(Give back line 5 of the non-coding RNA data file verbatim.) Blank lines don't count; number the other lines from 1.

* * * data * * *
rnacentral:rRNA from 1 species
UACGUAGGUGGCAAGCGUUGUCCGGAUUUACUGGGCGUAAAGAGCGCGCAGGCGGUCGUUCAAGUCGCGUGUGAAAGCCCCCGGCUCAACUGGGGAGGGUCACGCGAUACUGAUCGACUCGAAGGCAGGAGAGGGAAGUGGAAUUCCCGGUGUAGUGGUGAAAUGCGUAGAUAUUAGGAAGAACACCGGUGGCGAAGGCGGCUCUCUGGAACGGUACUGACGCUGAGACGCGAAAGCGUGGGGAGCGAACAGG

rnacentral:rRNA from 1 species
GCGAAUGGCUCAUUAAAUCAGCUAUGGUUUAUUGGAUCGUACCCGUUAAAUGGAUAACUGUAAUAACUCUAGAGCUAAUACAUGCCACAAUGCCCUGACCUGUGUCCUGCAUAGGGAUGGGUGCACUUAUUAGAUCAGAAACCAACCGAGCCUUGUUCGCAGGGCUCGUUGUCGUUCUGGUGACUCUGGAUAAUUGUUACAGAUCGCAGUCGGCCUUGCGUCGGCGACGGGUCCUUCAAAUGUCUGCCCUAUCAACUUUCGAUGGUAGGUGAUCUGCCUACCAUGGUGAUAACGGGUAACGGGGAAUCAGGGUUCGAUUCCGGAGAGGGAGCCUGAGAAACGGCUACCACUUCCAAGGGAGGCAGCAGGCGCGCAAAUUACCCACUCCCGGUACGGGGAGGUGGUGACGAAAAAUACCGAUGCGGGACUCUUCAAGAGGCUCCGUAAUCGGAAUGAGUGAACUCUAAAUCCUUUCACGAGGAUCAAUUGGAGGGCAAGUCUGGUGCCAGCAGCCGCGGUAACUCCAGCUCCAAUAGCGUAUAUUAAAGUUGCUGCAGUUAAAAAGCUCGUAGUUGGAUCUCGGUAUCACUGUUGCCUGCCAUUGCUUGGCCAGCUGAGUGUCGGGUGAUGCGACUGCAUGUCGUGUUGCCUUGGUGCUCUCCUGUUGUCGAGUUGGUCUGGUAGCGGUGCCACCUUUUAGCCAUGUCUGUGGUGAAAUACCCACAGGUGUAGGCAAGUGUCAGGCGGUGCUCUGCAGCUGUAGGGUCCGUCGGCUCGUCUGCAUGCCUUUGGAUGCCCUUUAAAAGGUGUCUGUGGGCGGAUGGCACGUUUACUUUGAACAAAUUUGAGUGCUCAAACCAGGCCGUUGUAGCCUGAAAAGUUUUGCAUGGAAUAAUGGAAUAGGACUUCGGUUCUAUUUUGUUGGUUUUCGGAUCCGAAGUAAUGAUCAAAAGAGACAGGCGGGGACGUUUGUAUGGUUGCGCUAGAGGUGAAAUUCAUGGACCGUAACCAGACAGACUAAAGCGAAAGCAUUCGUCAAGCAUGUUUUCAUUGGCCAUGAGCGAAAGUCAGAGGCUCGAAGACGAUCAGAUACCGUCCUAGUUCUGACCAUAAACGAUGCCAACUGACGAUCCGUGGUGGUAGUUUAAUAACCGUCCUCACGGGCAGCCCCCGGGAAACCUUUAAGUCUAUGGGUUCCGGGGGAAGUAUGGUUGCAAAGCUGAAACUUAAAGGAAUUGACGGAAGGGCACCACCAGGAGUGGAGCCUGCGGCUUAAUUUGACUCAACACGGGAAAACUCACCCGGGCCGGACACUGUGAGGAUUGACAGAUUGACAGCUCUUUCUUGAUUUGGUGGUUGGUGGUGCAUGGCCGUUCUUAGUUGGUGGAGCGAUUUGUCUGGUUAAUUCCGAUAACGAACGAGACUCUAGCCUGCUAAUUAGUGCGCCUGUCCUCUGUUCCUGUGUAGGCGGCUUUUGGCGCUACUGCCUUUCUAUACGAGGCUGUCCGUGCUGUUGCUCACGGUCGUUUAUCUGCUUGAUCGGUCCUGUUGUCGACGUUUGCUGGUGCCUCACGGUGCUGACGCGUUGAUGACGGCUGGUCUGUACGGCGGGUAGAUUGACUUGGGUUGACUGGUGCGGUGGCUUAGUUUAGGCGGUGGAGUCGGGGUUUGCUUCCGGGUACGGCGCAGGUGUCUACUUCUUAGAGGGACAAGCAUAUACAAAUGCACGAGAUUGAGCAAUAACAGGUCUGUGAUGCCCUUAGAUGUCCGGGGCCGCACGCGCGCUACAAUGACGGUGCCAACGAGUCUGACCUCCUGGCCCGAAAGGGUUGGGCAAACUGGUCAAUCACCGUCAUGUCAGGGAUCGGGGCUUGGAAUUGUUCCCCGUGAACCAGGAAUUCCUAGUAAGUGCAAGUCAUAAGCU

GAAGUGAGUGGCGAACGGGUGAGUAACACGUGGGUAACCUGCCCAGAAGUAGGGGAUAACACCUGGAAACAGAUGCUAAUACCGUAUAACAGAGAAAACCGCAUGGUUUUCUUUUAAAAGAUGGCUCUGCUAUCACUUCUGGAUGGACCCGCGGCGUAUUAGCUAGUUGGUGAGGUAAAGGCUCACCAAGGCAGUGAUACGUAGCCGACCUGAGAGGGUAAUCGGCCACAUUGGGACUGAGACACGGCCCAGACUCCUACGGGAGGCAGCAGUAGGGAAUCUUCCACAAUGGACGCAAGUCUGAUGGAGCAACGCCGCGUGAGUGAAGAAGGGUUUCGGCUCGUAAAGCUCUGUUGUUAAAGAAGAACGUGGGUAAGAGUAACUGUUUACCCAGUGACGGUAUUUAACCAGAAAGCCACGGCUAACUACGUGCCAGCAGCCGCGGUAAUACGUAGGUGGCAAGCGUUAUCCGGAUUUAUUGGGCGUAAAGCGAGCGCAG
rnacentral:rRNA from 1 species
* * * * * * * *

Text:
GAAGUGAGUGGCGAACGGGUGAGUAACACGUGGGUAACCUGCCCAGAAGUAGGGGAUAACACCUGGAAACAGAUGCUAAUACCGUAUAACAGAGAAAACCGCAUGGUUUUCUUUUAAAAGAUGGCUCUGCUAUCACUUCUGGAUGGACCCGCGGCGUAUUAGCUAGUUGGUGAGGUAAAGGCUCACCAAGGCAGUGAUACGUAGCCGACCUGAGAGGGUAAUCGGCCACAUUGGGACUGAGACACGGCCCAGACUCCUACGGGAGGCAGCAGUAGGGAAUCUUCCACAAUGGACGCAAGUCUGAUGGAGCAACGCCGCGUGAGUGAAGAAGGGUUUCGGCUCGUAAAGCUCUGUUGUUAAAGAAGAACGUGGGUAAGAGUAACUGUUUACCCAGUGACGGUAUUUAACCAGAAAGCCACGGCUAACUACGUGCCAGCAGCCGCGGUAAUACGUAGGUGGCAAGCGUUAUCCGGAUUUAUUGGGCGUAAAGCGAGCGCAG